I took a call this week from the BBC asking me to comment on some breaking news.
‘No problem’ I said, frantically opening up Google to see what it might be, as I’d not had time to read the papers yet – something I do every morning to see what angles my clients might leverage for blogs.
‘Great thanks Greg, we’re after some comment on the failed Sainsbury’s merger.’
I begin Googling frantically to see if one of their spokespeople made a total mess of a press interview.
Nothing to see so far.
I decide to stall for time. ‘So, let me know what you’re after here.’
‘Well, just some insight into the competition law that has essentially scuppered it. Anything you might be able to shed some light on really.’
I come clean.
‘It’s not really my thing. Have you got the right Greg? I might have a client who can help here but I’m all about media management, publicity and marketing.’
‘Sorry Greg, thought your voice sounded familiar. Wrong Simpson.’
‘No probs. You know where I am next time.’
There are a couple of lessons from this I want you to remember.
1. Always answer the phone, you never know when it is the BBC.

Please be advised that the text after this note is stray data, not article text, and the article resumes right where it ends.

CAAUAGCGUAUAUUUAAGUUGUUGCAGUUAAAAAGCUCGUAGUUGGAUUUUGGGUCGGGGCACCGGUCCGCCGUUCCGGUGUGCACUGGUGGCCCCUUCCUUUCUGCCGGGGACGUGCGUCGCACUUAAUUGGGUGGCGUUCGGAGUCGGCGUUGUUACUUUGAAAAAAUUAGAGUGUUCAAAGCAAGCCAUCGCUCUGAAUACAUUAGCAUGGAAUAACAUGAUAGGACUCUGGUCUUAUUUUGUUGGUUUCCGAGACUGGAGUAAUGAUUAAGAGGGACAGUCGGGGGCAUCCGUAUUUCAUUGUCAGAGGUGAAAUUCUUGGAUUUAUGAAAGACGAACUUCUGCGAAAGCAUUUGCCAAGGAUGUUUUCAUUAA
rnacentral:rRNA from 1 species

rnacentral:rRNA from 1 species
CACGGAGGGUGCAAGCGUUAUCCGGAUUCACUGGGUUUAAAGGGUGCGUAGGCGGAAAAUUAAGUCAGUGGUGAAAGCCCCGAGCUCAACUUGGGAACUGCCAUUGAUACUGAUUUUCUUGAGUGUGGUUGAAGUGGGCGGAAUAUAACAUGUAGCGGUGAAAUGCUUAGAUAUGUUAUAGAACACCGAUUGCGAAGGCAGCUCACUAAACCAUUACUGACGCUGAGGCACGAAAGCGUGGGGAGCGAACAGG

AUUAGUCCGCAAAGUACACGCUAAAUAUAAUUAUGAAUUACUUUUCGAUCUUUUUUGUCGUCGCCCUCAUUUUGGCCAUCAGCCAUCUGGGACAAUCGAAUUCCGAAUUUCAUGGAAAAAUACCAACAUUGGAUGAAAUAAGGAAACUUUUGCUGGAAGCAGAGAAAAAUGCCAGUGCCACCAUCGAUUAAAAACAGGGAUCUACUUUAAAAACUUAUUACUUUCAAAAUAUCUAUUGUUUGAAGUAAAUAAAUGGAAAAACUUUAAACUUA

2. Always try to help.
3. Always be honest. I do NOT subscribe to the ‘fake it ’til you make it mentality peddled by various ‘gurus’.
Also, ask yourself THESE 3 questions and use them to build your marketing campaign around…
If the BBC made a call to you out of the blue, what WOULD you want them to ask you for comment on?
What IS your special area of expertise?
Where can you add value to an audience by sharing your insight and knowledge?
Now start writing about it. Start commenting. Start getting ready for your BBC opportunity NOW. Then when they call or when I suggest WE call them together to pitch you as an expert you will be perfectly positioned as an expert.
Practice makes perfect.
PS if you fancy a chat about how I can position you as an expert, from butcher to banker, lawyer to lawn care, just book a call with me HERE This is UK only I’m afraid. Remember, know your expertise.